Difference between revisions of "Alaska Prohibition of Wolf Snares, Measure 9 (1998)"

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The goal of the initiative was to prohibit a person from using a snare with the intent of trapping a wolf. It would also prohibit a person from possessing, buying, selling or offering to sell the skin of a wolf known by the person to have been caught with a snare. Breaking the law would have been a Class A misdemeanor.
 
The goal of the initiative was to prohibit a person from using a snare with the intent of trapping a wolf. It would also prohibit a person from possessing, buying, selling or offering to sell the skin of a wolf known by the person to have been caught with a snare. Breaking the law would have been a Class A misdemeanor.
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==Text of proposed amendment==
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This proposed amendment to Alaska's Constitution defines how the state would agree to a change to the Alaska Statehood Act. This amendment provides that any changes to the Statehood Act proposed by Congress must be approved in one of two ways: 1) By a majority vote of Alaskan voters in an election, or 2) By a two-thirds vote of the state legislature.<ref>[http://www.elections.alaska.gov/doc/oep/1996/ballot1.htm Text of the proposed amendment]</ref>
  
 
==Path to the ballot==
 
==Path to the ballot==

Revision as of 14:26, 30 June 2011

Voting on the
Treatment of Animals
Wolf.jpg
Ballot Measures
By state
By year
Not on ballot
Alaska Ballot Measure 9, also known as the Bill Prohibiting Trapping Wolves with Snares, was on the November 3, 1998 election ballot in Alaska as an indirect initiated state statute, where it was defeated.[1]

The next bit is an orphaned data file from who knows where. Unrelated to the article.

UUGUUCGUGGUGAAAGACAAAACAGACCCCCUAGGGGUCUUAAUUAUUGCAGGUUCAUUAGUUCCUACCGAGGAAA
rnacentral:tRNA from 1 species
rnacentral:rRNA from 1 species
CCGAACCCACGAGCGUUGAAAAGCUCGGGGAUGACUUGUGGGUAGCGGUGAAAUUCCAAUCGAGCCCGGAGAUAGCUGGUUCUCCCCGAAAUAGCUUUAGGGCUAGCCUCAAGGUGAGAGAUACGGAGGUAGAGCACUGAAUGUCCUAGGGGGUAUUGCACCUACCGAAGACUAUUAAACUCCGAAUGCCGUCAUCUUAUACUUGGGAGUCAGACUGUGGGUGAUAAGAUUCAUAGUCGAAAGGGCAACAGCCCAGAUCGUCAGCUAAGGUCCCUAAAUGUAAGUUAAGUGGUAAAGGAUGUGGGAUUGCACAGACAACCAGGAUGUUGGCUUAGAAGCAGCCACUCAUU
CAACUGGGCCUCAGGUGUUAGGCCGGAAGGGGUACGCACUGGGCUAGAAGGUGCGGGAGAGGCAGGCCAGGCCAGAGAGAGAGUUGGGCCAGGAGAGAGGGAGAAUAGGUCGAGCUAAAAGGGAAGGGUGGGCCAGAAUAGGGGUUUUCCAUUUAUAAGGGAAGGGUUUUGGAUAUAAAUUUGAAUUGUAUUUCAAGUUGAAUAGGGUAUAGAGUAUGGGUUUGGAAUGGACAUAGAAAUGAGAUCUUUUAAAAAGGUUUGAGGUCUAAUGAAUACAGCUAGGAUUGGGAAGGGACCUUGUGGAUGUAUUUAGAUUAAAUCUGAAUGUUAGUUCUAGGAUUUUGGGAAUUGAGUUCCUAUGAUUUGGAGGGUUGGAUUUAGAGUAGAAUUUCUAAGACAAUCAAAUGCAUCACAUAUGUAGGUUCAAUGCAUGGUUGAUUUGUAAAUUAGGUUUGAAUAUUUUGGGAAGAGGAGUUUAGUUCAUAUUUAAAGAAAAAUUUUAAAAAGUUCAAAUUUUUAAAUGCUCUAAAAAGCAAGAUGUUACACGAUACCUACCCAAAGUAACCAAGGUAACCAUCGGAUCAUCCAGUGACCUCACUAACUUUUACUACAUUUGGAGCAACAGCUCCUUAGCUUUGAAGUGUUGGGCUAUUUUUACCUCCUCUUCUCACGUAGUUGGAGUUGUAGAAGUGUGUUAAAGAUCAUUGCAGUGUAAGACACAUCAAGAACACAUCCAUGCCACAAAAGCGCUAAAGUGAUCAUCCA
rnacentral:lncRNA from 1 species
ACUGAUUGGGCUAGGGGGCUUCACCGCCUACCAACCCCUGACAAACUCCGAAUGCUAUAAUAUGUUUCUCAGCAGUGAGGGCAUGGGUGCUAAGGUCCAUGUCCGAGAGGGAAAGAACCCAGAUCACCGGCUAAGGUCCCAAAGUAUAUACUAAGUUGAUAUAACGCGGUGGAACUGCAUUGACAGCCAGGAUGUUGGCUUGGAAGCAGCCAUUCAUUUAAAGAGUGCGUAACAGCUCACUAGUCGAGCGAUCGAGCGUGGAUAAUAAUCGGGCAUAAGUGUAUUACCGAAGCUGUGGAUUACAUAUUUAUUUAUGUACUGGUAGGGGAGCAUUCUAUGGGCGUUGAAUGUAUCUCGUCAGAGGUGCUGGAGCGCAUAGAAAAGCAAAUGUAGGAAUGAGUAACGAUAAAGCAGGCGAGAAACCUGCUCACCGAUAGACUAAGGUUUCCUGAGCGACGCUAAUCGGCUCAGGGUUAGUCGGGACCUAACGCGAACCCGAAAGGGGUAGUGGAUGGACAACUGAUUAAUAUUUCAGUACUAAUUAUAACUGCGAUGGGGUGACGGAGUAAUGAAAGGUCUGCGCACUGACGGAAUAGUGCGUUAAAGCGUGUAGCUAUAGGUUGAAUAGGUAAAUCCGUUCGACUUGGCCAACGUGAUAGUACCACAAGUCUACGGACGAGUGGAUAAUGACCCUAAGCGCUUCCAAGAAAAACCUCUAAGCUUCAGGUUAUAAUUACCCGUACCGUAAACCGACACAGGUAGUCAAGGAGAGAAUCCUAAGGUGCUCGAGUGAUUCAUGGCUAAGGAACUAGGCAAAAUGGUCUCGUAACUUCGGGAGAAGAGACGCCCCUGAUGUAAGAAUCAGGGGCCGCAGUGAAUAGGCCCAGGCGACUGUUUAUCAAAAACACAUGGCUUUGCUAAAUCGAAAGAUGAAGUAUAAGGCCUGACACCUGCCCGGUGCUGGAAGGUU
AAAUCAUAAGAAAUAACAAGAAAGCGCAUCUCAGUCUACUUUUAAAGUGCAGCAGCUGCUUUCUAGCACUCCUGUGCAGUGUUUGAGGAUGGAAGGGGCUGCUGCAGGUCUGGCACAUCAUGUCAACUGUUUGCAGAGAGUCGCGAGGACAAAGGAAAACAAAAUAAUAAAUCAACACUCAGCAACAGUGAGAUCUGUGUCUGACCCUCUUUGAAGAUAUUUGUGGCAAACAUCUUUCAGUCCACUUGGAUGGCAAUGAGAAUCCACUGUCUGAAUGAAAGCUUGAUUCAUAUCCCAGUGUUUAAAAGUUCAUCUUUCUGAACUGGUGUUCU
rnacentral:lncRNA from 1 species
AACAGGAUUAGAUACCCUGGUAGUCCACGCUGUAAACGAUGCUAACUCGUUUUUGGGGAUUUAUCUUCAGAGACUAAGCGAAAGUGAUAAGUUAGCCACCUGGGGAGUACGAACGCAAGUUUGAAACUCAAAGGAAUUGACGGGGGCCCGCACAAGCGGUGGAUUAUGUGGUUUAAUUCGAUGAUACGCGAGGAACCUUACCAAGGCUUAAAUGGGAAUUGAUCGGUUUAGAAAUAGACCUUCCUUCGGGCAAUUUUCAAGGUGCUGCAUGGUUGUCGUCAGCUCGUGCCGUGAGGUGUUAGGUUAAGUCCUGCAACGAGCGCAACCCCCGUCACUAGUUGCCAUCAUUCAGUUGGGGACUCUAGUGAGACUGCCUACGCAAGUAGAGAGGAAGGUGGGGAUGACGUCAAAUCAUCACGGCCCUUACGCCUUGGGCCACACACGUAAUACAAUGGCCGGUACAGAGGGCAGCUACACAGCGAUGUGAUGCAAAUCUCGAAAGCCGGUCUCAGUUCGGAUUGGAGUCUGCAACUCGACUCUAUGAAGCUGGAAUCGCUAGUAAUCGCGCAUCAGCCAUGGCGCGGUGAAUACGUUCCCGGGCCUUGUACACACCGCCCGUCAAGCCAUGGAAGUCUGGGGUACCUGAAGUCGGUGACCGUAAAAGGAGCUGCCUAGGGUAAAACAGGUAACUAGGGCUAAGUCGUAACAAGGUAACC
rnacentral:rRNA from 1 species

1998 election results

Alaska Prohibition of Wolf Snares
Yes or no Votes Percentage
Yes 83,224 37.3%
Defeatedd No 140,049 62.7%
Total votes 223,273 100%

The goal of the initiative was to prohibit a person from using a snare with the intent of trapping a wolf. It would also prohibit a person from possessing, buying, selling or offering to sell the skin of a wolf known by the person to have been caught with a snare. Breaking the law would have been a Class A misdemeanor.

Text of proposed amendment

This proposed amendment to Alaska's Constitution defines how the state would agree to a change to the Alaska Statehood Act. This amendment provides that any changes to the Statehood Act proposed by Congress must be approved in one of two ways: 1) By a majority vote of Alaskan voters in an election, or 2) By a two-thirds vote of the state legislature.[2]

Path to the ballot

  • Application was received in the Lieutenant Governor's Office on September 4, 1997.
  • A copy of the application and signatures were sent to the Department of Law and Division of Elections on September 4, 1997.
  • The Division of Elections determined that there were a sufficient number of sponsor signatures on September 30, 1997.
  • The application was certified on October 9, 1996.
  • Petition booklets were issued to the initiative committee on October 20, 1997.
  • The one year filing deadline was October 20, 1998.
  • Petition booklets were submitted to the Division of Elections on January 12, 1998.
  • Lieutenant Governor Ulmer certified the petition for this initiative as properly filed on April 2, 1998.
  • The Supreme Court of the State of Alaska ruled on August 17, 1998 that the initiative be placed on the 1998 general election ballot.
  • The initiative appeared on the 1998 general election ballot.

See also

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Suggest a link

External links

References